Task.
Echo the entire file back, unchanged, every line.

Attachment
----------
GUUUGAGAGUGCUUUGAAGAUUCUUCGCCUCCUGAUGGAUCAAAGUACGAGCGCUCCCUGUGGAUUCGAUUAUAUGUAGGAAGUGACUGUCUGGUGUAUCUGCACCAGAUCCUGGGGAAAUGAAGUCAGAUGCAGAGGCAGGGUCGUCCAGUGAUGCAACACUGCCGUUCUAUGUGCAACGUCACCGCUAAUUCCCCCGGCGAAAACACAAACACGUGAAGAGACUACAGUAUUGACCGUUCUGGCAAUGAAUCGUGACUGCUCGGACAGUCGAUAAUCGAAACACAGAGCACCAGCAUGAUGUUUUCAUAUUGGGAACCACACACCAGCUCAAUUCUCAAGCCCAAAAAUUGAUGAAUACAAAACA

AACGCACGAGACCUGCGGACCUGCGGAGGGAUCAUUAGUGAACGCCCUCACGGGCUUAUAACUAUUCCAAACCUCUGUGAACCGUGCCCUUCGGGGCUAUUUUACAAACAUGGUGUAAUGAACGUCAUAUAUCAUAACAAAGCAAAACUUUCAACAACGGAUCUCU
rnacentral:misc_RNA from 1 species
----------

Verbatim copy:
GUUUGAGAGUGCUUUGAAGAUUCUUCGCCUCCUGAUGGAUCAAAGUACGAGCGCUCCCUGUGGAUUCGAUUAUAUGUAGGAAGUGACUGUCUGGUGUAUCUGCACCAGAUCCUGGGGAAAUGAAGUCAGAUGCAGAGGCAGGGUCGUCCAGUGAUGCAACACUGCCGUUCUAUGUGCAACGUCACCGCUAAUUCCCCCGGCGAAAACACAAACACGUGAAGAGACUACAGUAUUGACCGUUCUGGCAAUGAAUCGUGACUGCUCGGACAGUCGAUAAUCGAAACACAGAGCACCAGCAUGAUGUUUUCAUAUUGGGAACCACACACCAGCUCAAUUCUCAAGCCCAAAAAUUGAUGAAUACAAAACA

AACGCACGAGACCUGCGGACCUGCGGAGGGAUCAUUAGUGAACGCCCUCACGGGCUUAUAACUAUUCCAAACCUCUGUGAACCGUGCCCUUCGGGGCUAUUUUACAAACAUGGUGUAAUGAACGUCAUAUAUCAUAACAAAGCAAAACUUUCAACAACGGAUCUCU
rnacentral:misc_RNA from 1 species